First off, most of the people taking the class will have never seen a computer before in their lives, so the training needs to cover things like how to turn on the computer, how to use a mouse, how to type, etc. It’s really difficult to identify of all those little things which I just do on auto-pilot, and then to think of how to explain them to a complete beginner. I also discovered that the computer teacher, Henrish, doesn't know all that much about computers. Well, it’s all relative of course. He knows more than most other people here, but he’d still be classed as a complete beginner in any other situation. What he does know, he’s taught himself, which means he sometimes has a really round-about way of doing something very straight-forward. Also while he knows how to do a few relatively advanced things, he's missing some of the real fundamentals. It’s difficult to figure out what he does and doesn't know, due to the third and potentially biggest issue: communication. His English is good, but not great. It took me a while to figure that out as he is constantly smiling and nodding and agreeing with me and it was only after we had several incidences of crossed wires, that I realised he must have misunderstood half of what I'd said. Oh and he’s not a natural teacher... and neither am I!
Scuilpture from artist Isaak
I'm also getting to know the staff a bit better and know their different personalities and joke around with them a bit more. It’s a really nice atmosphere. There’s Asnath and Hatibo who work in the kitchen – very young and a little shy, but with big smiles! There’s Mr Hoza who is trying to teach me Swahili. There’s Peter who works in the restaurant and at first seems very serious but having noticed a twinkle in his eye I have decided he's actually just good at deadpan. He knows about my love of avocados and mangoes and always gives me a secret smile when they appear on the dining table! There’s Saidi the chef who cooks the most amazing dinners including cheesy mash this week, which was a real treat! And of course my old friend Ndege who is just one of the loveliest people I've ever met…. still working hard on his website which is looking really impressive now. He can tell when it’s going to rain due to the pressure behind his eyes. He knows everything about the local area and birds and wildlife. His name even means “Bird” in Swahili.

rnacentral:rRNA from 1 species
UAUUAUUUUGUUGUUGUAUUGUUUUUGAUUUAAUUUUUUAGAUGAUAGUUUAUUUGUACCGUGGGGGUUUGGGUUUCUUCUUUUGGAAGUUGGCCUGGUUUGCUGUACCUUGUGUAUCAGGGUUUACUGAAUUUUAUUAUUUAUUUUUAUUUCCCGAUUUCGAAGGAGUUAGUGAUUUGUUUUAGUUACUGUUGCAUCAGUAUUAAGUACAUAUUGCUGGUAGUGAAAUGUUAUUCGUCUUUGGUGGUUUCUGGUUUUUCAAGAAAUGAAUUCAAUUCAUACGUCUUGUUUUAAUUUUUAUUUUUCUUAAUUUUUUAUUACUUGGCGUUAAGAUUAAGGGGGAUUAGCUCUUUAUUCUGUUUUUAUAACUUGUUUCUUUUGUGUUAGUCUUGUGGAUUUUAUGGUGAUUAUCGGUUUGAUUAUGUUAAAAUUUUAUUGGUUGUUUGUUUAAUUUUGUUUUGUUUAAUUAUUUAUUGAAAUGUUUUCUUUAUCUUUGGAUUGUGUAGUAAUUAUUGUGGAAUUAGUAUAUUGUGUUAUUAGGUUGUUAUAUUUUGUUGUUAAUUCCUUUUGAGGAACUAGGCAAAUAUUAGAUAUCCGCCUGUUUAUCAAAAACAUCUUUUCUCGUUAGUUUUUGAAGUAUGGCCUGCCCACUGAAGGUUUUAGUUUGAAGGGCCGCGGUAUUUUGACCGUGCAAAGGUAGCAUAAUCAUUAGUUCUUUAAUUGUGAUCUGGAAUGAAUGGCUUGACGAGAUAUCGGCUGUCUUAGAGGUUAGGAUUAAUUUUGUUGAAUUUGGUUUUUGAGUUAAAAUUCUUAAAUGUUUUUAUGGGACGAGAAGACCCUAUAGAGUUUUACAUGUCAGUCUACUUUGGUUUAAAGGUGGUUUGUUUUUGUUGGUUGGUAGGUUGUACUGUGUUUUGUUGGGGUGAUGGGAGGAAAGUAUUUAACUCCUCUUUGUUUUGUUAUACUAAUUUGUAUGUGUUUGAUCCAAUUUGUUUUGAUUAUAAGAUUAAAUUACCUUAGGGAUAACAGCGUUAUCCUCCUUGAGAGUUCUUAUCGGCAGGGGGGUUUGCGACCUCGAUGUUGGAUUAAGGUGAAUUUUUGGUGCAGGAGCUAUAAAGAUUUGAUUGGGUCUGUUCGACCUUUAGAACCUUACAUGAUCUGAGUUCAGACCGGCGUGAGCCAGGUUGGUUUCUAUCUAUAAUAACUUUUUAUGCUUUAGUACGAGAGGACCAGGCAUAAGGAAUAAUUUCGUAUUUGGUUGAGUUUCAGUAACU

I feel very lucky to be staying in such a beautiful and special place. Whenever I'm wandering around the property I look around me and smile. The air is fresh and clean and smells of eucalyptus and bark. At night, the sky is a blanket of stars. I love being up at this height, where some of the clouds are below us and we see so many weather patterns each day. A blue sky and scorching sun can disappear behind a white mist of cloud within half an hour. Storms are sudden and occasionally violent, but usually over quickly. We often have rainbows and this week we had two beautiful ones, where the whole arc was visible. The first was even a double rainbow! It really does feel like we’re at the top of the world here!  

At the start of the 3rd week we reached a bit of a turning point in the computer course. We sort of hit rock bottom first, when we had our 3rd practise run-through with a pretend student, and Henrish was still getting the simplest things wrong. My frustration must have shown on my face and in my voice as after the lesson he came and sat next to me and with a very sombre look on his face, said “Madam, I'm sorry. I know I've disappointed you. I am going to do better and make you very happy”. I felt like such a bad person! So of course I had to tell him not to worry, and that I had confidence in him and knew he could do it. Then the next day when we came to run through it again he had improved ten-fold! I think he must have practised all night. This time I gave him lots of smiles and nods of encouragement as he gave the lesson and his face lit up. I clearly have neither the aptitude nor the patience to be a teacher, but I can see how rewarding it must be at times.  

Too quickly, it was time to leave. Lots of the staff gathered to say goodbye and I was choking back the tears! I hate saying goodbye at the best of times but this was particularly hard as I just love the place and the people so much and feel like there is really something special happening here. Just like last time it felt like I left a little bit of my heart behind!